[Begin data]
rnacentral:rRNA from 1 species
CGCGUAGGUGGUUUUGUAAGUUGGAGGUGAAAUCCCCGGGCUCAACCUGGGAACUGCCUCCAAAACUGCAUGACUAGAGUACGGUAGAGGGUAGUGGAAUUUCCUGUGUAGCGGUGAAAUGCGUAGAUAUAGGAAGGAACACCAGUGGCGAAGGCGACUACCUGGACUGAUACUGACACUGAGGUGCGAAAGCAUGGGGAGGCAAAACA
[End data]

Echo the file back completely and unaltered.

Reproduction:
rnacentral:rRNA from 1 species
CGCGUAGGUGGUUUUGUAAGUUGGAGGUGAAAUCCCCGGGCUCAACCUGGGAACUGCCUCCAAAACUGCAUGACUAGAGUACGGUAGAGGGUAGUGGAAUUUCCUGUGUAGCGGUGAAAUGCGUAGAUAUAGGAAGGAACACCAGUGGCGAAGGCGACUACCUGGACUGAUACUGACACUGAGGUGCGAAAGCAUGGGGAGGCAAAACA